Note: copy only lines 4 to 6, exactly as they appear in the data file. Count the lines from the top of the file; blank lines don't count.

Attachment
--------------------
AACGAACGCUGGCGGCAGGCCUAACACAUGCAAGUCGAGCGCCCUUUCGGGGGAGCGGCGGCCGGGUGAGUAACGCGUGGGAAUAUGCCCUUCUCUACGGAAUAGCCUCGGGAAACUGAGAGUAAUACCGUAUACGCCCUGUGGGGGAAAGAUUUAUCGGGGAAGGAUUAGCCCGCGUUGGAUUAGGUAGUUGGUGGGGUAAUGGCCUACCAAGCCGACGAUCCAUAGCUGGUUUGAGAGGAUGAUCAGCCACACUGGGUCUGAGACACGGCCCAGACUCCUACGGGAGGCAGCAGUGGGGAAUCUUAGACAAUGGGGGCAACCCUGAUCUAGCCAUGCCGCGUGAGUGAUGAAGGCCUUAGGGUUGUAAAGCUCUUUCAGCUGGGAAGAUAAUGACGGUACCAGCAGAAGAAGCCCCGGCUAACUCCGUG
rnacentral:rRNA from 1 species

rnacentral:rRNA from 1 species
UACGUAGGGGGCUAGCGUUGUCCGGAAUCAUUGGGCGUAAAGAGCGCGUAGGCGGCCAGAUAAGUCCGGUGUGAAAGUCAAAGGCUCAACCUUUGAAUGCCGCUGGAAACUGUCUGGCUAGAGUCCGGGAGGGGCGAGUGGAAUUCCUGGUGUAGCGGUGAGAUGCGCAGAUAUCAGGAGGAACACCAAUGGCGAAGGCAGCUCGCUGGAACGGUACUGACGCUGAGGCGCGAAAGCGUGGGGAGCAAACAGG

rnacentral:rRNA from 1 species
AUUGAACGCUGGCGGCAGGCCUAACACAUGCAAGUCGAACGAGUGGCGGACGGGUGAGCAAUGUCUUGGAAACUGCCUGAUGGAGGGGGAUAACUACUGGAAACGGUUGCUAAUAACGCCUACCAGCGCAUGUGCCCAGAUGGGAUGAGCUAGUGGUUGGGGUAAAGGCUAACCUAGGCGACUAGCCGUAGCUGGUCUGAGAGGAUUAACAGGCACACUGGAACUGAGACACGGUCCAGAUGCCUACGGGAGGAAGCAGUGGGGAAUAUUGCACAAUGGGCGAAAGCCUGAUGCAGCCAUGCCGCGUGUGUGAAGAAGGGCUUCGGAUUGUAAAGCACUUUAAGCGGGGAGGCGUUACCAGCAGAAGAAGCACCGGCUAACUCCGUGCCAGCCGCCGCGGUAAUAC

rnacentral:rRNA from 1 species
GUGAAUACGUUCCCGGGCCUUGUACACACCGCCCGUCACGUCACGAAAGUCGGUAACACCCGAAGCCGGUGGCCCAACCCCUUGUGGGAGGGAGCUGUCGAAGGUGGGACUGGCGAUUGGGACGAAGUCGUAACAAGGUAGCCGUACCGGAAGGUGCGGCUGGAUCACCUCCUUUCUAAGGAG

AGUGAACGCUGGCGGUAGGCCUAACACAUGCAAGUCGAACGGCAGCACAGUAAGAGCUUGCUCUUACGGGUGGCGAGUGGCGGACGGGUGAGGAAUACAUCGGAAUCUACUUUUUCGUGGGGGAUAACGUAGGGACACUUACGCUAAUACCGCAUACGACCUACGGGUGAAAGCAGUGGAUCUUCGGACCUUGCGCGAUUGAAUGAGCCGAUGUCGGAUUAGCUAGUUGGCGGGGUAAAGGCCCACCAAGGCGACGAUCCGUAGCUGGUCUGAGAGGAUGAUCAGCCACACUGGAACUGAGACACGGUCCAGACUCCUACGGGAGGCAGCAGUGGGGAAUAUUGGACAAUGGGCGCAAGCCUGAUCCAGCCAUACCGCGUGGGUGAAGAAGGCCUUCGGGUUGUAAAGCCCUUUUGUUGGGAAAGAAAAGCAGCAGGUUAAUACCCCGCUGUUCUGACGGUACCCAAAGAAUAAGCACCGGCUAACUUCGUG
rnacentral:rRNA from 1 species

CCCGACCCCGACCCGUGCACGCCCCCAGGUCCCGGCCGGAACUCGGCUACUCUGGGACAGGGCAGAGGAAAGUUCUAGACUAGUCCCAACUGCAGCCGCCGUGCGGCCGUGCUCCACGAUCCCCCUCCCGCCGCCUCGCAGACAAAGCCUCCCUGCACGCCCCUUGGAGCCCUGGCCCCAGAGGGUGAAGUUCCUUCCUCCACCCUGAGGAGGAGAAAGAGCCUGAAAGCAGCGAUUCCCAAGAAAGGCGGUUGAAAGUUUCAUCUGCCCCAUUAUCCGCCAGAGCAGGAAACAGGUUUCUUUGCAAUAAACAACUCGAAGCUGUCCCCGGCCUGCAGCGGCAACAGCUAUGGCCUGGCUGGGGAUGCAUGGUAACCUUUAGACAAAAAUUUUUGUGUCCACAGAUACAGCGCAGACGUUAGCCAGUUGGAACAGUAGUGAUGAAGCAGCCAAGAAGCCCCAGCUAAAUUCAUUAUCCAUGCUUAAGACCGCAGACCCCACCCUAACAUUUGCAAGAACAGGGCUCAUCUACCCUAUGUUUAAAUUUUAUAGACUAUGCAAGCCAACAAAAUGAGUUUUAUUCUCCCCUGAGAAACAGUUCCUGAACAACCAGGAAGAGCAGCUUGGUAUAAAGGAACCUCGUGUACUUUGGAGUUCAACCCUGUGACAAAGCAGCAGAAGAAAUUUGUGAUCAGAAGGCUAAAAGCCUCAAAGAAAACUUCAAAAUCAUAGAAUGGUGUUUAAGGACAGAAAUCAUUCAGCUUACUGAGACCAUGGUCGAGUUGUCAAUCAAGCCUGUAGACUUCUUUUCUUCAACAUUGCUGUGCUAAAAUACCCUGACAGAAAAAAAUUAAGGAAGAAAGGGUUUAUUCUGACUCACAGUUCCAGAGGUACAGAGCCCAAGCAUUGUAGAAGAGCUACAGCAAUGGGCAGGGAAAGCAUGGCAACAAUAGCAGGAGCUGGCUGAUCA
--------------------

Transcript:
UACGUAGGGGGCUAGCGUUGUCCGGAAUCAUUGGGCGUAAAGAGCGCGUAGGCGGCCAGAUAAGUCCGGUGUGAAAGUCAAAGGCUCAACCUUUGAAUGCCGCUGGAAACUGUCUGGCUAGAGUCCGGGAGGGGCGAGUGGAAUUCCUGGUGUAGCGGUGAGAUGCGCAGAUAUCAGGAGGAACACCAAUGGCGAAGGCAGCUCGCUGGAACGGUACUGACGCUGAGGCGCGAAAGCGUGGGGAGCAAACAGG

rnacentral:rRNA from 1 species
AUUGAACGCUGGCGGCAGGCCUAACACAUGCAAGUCGAACGAGUGGCGGACGGGUGAGCAAUGUCUUGGAAACUGCCUGAUGGAGGGGGAUAACUACUGGAAACGGUUGCUAAUAACGCCUACCAGCGCAUGUGCCCAGAUGGGAUGAGCUAGUGGUUGGGGUAAAGGCUAACCUAGGCGACUAGCCGUAGCUGGUCUGAGAGGAUUAACAGGCACACUGGAACUGAGACACGGUCCAGAUGCCUACGGGAGGAAGCAGUGGGGAAUAUUGCACAAUGGGCGAAAGCCUGAUGCAGCCAUGCCGCGUGUGUGAAGAAGGGCUUCGGAUUGUAAAGCACUUUAAGCGGGGAGGCGUUACCAGCAGAAGAAGCACCGGCUAACUCCGUGCCAGCCGCCGCGGUAAUAC